At the time, many offered advice on how to stave off or even cure the disease. Recommendations in popular medical manuals, like Domestic Medicine, advocated rest, liquids, and various regimens of blistering, purging, and bleeding but not much more. A particularly interesting remedy Virginian planter William Byrd II advocated included drinking large amounts of water “that had stood two days upon tar”. These methods perhaps relieved symptoms but did little to prevent one from catching the disease.
Inoculation was the one way available to try and prevent smallpox. A doctor took a bit of infected matter (i.e. pus from a pustule) from a person suffering from a mild case of smallpox and inserted it under the skin of a healthy patient. Theoretically, the newly infected patient would then develop a mild case of the infection and after recovery be immune to further breakouts.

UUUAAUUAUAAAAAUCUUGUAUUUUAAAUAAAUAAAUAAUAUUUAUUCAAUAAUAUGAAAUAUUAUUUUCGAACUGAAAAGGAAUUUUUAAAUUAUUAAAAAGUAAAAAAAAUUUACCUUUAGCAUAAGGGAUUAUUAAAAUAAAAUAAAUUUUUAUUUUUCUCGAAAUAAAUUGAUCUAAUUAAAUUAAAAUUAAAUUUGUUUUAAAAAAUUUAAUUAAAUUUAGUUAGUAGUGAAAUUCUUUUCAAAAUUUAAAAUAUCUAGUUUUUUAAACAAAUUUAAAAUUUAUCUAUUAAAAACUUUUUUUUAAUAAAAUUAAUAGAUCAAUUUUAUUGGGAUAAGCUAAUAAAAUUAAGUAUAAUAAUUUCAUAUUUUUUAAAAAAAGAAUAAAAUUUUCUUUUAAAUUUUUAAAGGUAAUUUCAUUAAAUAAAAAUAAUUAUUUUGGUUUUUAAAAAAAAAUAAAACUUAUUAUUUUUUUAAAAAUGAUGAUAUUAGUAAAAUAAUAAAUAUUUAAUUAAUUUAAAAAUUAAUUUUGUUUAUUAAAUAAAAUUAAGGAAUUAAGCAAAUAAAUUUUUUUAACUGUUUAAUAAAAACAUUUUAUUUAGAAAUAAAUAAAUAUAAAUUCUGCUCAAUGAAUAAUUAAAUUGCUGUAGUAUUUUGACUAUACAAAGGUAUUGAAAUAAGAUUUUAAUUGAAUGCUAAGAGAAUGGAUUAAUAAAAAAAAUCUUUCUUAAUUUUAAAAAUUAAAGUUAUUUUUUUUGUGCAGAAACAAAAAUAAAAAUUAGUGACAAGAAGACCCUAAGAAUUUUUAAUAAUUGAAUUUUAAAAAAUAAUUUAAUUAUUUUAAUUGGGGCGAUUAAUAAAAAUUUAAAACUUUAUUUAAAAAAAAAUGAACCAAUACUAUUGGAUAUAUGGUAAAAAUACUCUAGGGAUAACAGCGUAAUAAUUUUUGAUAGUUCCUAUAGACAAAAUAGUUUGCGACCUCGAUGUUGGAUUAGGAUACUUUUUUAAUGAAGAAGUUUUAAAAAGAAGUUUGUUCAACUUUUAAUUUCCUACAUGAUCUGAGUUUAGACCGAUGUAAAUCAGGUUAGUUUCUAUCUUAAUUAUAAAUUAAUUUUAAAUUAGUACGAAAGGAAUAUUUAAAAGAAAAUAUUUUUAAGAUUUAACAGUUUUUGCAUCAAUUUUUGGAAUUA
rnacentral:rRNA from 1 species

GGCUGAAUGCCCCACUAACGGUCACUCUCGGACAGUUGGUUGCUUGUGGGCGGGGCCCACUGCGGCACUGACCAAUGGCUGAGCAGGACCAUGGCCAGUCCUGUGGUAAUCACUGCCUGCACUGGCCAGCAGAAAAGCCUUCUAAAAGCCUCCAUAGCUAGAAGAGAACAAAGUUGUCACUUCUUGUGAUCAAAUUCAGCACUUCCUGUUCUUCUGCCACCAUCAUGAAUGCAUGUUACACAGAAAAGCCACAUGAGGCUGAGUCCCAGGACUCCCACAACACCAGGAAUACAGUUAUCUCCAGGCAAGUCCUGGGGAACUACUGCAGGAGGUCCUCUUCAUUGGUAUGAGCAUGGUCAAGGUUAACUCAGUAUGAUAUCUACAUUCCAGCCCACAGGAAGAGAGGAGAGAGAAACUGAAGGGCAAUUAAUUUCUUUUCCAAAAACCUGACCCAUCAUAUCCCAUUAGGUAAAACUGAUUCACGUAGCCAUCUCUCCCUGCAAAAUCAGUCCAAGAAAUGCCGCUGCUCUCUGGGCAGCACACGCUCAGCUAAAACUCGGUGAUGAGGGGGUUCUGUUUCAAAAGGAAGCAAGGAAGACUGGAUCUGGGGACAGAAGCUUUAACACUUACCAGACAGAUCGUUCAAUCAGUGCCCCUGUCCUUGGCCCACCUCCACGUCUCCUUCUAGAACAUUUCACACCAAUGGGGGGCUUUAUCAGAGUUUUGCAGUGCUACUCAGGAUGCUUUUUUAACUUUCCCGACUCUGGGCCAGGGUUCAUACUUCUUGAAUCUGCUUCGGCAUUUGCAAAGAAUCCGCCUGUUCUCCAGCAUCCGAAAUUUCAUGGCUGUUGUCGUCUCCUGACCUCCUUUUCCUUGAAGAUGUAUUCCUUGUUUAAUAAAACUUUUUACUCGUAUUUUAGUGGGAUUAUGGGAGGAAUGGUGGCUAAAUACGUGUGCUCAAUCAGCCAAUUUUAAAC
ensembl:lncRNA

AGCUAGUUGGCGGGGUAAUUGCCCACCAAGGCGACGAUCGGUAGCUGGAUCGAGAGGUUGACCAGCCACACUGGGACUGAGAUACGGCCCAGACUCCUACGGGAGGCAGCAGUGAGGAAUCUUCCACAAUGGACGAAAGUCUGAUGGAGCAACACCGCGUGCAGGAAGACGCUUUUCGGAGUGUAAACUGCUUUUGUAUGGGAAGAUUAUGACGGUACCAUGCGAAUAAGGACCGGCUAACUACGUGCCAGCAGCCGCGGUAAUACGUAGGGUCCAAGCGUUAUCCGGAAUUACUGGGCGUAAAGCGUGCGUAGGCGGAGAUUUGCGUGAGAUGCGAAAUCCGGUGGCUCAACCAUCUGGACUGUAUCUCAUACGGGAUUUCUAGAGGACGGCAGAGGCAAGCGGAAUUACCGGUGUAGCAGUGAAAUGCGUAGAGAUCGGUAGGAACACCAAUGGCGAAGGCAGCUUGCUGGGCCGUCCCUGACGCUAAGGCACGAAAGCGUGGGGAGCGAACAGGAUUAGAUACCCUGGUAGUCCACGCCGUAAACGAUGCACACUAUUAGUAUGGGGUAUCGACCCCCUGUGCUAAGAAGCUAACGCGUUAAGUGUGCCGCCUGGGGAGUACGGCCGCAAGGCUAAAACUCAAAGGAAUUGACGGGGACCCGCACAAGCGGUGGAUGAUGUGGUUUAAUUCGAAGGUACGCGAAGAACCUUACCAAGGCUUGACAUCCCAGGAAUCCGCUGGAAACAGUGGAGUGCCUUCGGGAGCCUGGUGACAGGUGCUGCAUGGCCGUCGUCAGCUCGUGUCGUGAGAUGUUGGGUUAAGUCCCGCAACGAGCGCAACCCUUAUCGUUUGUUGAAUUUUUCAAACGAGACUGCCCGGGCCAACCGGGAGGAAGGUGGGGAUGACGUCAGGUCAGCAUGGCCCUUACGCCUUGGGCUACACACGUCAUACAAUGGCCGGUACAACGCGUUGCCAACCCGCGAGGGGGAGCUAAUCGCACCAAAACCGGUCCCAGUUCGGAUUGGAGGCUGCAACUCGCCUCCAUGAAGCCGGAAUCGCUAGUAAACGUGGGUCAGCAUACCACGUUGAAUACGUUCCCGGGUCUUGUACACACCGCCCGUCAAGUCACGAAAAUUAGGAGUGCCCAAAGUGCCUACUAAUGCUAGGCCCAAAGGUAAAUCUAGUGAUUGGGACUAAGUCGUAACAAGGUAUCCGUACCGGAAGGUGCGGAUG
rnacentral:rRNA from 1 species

Inoculation against smallpox in Paris (1807) by Louis Léopold Boilly. Credit: Public domain / Wikipedia.
Many physicians supported this new technique but inoculation had serious drawbacks. One of the biggest was the mild case of smallpox in the newly infected patient could become a full-blown attack. Additionally, people who were inoculated became carriers of the disease, capable of infecting individuals who had never had smallpox or who had not undergone inoculation. This became a volatile issue because of a lack of understanding of population immunity and ineffective quarantine protocols.
Anti-inoculation sentiments rose in Virginia after people recently inoculated returned to the community and outbreaks followed. Full-scale riots and protests were seen in Norfolk County and Williamsburg which led to petitions to ban inoculation. In 1769, Virginia prohibited inoculation unless specifically approved by the county courts.
But how does smallpox and inoculation relate to George Washington, Virginia’s most famous son, and America’s fight for independence?